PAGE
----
Dual sport for small female?

Man this is a fun sport! Now my wife wants to ride on her own. What would you guys recommend for a very light framed woman? (103 lbs, 5'5"). I am assuming anything we make street legal wouldN't run highway speeds very well? I Was thinking something in the 80 - 100 size range, but since I too have just gotten into bikes I really don't know very much about what's out there. Any suggestions. We ride 50/50 onroad/off road.

No 100 is going to run (or be legal on) highways. A 250(4stroke) is going to struggle on hills or in higher winds.

I would look at 200cc 2 strokes probably, lighter on more power.

But then taller too, so would have to be lowered.

A Kaw KDX200 kind of bike.

4 stroke: plated XR200 size wise, but not going to do highway travel.

But do you REALLY want a novice woman that you love riding highways on a dual sport?

It makes ME nervous and i've been riding for 40 years.

Rethink...................

Yamaha TW 200

Stick to secondary highways, more scenic that way anyway :smirk:

At her weight,the bike should be quite adequate. If she truly enjoys it. Upgrade next year :smirk:

same situation here.. going to look for a CRF150F e start and plate it next year.

TW200 is too heavy, XR250 is kick-only.. I want to keep the fun factor for her

I did a KLX140L with a Baja Designs kit for my daughter. Stick to the back roads and you will be fine.

honda crf 230l, 50 state legal , small and light also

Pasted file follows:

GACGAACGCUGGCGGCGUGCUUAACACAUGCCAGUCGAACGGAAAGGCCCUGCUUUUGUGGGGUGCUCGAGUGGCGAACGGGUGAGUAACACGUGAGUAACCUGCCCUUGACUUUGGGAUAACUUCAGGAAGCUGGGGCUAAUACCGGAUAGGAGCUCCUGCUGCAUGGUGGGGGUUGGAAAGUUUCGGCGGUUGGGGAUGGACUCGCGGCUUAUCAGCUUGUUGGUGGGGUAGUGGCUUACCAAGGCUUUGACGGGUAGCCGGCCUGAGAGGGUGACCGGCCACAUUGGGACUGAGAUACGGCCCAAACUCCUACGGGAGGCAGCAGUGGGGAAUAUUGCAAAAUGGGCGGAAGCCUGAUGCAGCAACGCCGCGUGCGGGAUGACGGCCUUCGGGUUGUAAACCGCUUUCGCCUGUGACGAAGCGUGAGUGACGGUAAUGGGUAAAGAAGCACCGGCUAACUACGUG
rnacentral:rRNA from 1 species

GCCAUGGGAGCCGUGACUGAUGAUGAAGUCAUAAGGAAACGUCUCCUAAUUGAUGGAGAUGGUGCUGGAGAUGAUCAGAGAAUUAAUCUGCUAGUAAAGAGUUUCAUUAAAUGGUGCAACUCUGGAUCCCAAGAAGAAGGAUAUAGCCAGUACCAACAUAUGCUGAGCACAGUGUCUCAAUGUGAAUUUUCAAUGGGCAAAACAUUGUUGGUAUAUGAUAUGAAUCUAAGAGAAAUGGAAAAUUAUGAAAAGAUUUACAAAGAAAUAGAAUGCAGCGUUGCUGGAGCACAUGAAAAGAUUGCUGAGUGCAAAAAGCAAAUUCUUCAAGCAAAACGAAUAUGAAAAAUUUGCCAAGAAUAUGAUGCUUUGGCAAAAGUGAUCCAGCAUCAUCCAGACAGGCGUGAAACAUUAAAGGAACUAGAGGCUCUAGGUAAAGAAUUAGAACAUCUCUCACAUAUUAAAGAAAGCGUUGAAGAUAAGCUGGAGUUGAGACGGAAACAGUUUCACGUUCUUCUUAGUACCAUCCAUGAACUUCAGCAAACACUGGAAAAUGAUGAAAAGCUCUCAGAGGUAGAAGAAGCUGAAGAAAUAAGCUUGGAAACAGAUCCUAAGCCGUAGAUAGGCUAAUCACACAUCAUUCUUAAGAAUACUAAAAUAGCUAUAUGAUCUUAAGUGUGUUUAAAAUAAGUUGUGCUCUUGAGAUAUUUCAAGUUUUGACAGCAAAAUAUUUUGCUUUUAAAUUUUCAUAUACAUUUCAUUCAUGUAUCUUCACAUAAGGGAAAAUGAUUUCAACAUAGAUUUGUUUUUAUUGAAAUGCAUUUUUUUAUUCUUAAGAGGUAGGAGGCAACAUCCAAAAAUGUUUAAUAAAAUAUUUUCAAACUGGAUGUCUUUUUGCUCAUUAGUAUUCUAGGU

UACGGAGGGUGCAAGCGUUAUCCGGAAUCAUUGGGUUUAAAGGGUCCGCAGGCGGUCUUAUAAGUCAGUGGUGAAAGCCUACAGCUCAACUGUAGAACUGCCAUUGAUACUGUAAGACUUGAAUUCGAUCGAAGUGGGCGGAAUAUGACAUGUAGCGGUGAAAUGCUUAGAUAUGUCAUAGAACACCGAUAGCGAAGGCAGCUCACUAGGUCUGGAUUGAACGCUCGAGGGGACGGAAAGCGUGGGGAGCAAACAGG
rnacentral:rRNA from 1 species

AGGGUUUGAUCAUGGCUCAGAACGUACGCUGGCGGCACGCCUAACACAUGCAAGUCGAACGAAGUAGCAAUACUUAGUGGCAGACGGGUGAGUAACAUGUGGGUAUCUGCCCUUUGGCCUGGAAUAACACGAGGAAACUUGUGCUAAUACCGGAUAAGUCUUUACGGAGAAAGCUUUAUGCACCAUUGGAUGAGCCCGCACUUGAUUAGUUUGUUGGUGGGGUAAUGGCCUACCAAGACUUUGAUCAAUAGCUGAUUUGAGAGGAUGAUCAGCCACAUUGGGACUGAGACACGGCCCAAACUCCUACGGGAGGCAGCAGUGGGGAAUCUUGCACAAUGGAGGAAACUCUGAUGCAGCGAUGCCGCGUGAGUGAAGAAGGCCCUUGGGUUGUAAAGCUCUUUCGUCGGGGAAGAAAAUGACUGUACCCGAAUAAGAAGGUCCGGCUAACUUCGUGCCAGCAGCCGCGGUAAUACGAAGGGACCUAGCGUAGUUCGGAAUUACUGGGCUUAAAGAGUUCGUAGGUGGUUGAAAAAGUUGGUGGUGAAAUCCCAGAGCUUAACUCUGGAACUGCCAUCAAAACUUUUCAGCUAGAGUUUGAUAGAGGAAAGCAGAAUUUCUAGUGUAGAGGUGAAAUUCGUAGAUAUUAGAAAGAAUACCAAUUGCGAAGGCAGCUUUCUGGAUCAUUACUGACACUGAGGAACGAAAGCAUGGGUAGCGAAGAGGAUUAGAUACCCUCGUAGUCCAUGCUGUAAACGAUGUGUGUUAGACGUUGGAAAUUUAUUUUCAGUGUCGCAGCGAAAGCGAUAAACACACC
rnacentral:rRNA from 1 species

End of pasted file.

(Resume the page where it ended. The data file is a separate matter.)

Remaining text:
Man this is a fun sport! Now my wife wants to ride on her own. What would you guys recommend for a very light framed woman? (103 lbs, 5'5"). I am assuming anything we make street legal wouldN't run highway speeds very well? I Was thinking something in the 80 - 100 size range, but since I too have just gotten into bikes I really don't know very much about what's out there. Any suggestions. We ride 50/50 onroad/off road.

TW200 - Yamaha

XR250L - Honda

CRF230L - Honda

KLX250 - Kawasaki

These will be great secondary road, and trail bikes.:smirk:

My wife rides a Suzuki DR 200se. Great bike, bullet proof. She's 5'4". We liked the bike so much we bought a second one.:smirk: Great trail bikes for forest service roads, jeep trails, national parks, that type of riding. Good luck finding a bike.

450 race bikes are as small, light and short (framed) as ever possible to make so I suggest you lower a 450 a little. Maybe supermoto setup too. It will still behave much better than any of those "trail bikes" and be safer too. And more powerful.

50 horsepower + 39" seat hieght race bike for a beginner?:smirk: NOOOOO!

80 or 100cc, your talking 2 stroke MX bike, which would be light, well suspended, but high strung and horrible on the street.

My girl started on a TTR125(became too small), then a ttr230(too heavy, bad suspension), and now rides a KLX300 which she loves. Jetted right it starts first or second kick. We haven't plated it yet, but it's a great low mintence single tracker that should do fine as a dual sport. She's about the same height and weight as your wife. An XR or DRZ 250 would be good as well.

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50 horsepower + 39" seat hieght race bike for a beginner?:smirk: NOOOOO!